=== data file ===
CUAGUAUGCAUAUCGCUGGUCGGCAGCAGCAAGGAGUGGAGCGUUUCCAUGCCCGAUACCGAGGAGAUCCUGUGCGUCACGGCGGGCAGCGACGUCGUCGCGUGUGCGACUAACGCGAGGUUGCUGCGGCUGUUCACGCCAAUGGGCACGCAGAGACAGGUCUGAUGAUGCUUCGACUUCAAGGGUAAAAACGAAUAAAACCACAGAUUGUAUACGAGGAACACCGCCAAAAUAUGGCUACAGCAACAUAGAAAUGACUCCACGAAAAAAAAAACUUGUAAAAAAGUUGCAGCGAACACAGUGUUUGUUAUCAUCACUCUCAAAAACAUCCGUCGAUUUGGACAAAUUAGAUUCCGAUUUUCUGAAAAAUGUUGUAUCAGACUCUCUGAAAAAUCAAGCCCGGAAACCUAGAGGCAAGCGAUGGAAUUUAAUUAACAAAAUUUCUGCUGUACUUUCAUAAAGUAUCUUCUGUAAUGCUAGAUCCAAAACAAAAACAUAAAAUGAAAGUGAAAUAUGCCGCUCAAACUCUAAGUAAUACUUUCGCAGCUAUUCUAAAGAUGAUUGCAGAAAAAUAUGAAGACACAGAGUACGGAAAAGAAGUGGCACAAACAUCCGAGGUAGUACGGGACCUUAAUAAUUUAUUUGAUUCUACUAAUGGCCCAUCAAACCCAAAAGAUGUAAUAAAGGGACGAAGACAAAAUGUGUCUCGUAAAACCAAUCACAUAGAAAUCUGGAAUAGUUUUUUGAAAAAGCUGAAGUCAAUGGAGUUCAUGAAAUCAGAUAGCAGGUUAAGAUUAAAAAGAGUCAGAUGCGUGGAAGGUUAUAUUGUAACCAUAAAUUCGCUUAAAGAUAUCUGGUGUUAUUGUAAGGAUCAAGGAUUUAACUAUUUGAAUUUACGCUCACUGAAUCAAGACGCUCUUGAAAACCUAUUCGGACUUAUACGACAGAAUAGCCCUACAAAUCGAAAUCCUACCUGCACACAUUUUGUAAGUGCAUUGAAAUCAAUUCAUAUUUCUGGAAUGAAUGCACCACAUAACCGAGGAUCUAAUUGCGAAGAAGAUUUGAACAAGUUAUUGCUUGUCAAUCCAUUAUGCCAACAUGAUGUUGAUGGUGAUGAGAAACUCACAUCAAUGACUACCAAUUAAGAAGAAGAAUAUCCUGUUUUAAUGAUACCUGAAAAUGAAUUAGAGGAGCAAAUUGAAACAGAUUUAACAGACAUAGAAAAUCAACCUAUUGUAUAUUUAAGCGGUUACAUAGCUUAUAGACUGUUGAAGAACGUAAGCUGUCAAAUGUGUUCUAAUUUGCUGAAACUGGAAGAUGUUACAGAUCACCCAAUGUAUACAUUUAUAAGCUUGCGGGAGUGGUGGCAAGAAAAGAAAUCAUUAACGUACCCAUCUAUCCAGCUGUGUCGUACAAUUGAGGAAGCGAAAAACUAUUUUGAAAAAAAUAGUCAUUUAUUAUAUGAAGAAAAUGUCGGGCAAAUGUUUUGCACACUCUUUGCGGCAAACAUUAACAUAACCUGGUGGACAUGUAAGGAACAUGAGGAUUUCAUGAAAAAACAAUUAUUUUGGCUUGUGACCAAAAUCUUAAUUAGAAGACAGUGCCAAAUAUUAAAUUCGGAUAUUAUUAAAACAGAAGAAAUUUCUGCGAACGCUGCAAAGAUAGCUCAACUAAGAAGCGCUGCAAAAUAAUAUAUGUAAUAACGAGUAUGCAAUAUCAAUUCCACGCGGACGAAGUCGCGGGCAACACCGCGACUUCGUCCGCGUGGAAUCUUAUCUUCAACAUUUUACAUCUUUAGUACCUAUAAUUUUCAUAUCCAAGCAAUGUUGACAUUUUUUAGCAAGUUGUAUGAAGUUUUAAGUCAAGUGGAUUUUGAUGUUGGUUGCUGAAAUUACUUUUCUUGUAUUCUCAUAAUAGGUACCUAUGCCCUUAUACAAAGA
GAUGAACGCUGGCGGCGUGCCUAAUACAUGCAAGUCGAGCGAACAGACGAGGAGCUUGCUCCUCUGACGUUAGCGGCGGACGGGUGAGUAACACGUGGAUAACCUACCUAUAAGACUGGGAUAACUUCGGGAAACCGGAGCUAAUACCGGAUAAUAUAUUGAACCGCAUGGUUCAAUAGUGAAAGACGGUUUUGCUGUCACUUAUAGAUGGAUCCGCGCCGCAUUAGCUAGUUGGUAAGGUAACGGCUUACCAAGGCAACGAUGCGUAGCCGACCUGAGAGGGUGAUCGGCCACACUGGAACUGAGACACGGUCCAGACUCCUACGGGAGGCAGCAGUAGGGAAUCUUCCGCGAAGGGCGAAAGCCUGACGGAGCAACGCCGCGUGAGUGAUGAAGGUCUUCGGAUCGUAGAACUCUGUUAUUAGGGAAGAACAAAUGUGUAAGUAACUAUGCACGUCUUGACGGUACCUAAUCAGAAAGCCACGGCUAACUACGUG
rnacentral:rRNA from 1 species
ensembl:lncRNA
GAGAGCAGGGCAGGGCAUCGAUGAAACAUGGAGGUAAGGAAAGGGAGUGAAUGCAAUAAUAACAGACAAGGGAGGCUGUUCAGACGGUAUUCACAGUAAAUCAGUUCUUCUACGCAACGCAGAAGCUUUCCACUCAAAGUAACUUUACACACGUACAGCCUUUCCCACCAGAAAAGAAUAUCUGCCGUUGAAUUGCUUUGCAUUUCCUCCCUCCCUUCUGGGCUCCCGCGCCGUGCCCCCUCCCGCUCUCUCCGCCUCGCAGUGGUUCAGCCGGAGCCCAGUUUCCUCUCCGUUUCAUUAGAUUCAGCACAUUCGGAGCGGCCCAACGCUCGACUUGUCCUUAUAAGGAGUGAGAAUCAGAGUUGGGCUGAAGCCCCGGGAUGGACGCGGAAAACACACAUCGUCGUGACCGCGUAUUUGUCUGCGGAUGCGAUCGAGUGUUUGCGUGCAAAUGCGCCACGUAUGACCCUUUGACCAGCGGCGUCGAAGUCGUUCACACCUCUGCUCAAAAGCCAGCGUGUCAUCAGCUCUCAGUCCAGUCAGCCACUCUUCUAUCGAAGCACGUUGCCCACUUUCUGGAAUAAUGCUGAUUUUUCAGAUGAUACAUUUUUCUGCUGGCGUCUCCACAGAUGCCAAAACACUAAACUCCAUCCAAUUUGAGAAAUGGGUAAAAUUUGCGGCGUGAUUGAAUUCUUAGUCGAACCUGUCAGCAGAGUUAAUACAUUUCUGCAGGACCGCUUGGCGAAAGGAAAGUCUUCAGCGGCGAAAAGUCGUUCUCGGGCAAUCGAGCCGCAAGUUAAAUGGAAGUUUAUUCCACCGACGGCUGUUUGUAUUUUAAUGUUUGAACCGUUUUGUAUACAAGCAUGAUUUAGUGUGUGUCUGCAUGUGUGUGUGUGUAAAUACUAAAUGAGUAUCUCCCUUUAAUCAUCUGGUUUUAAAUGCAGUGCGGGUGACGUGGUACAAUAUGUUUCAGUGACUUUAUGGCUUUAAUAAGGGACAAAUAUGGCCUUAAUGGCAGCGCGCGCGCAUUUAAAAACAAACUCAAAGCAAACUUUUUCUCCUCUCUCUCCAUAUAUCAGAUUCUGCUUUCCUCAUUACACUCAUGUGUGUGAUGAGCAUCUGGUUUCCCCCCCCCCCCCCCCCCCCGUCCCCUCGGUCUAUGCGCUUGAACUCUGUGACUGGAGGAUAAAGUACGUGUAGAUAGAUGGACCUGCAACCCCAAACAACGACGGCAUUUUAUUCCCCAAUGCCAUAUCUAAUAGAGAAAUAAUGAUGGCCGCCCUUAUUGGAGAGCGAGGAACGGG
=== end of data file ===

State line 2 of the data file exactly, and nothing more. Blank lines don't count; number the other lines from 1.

GAUGAACGCUGGCGGCGUGCCUAAUACAUGCAAGUCGAGCGAACAGACGAGGAGCUUGCUCCUCUGACGUUAGCGGCGGACGGGUGAGUAACACGUGGAUAACCUACCUAUAAGACUGGGAUAACUUCGGGAAACCGGAGCUAAUACCGGAUAAUAUAUUGAACCGCAUGGUUCAAUAGUGAAAGACGGUUUUGCUGUCACUUAUAGAUGGAUCCGCGCCGCAUUAGCUAGUUGGUAAGGUAACGGCUUACCAAGGCAACGAUGCGUAGCCGACCUGAGAGGGUGAUCGGCCACACUGGAACUGAGACACGGUCCAGACUCCUACGGGAGGCAGCAGUAGGGAAUCUUCCGCGAAGGGCGAAAGCCUGACGGAGCAACGCCGCGUGAGUGAUGAAGGUCUUCGGAUCGUAGAACUCUGUUAUUAGGGAAGAACAAAUGUGUAAGUAACUAUGCACGUCUUGACGGUACCUAAUCAGAAAGCCACGGCUAACUACGUG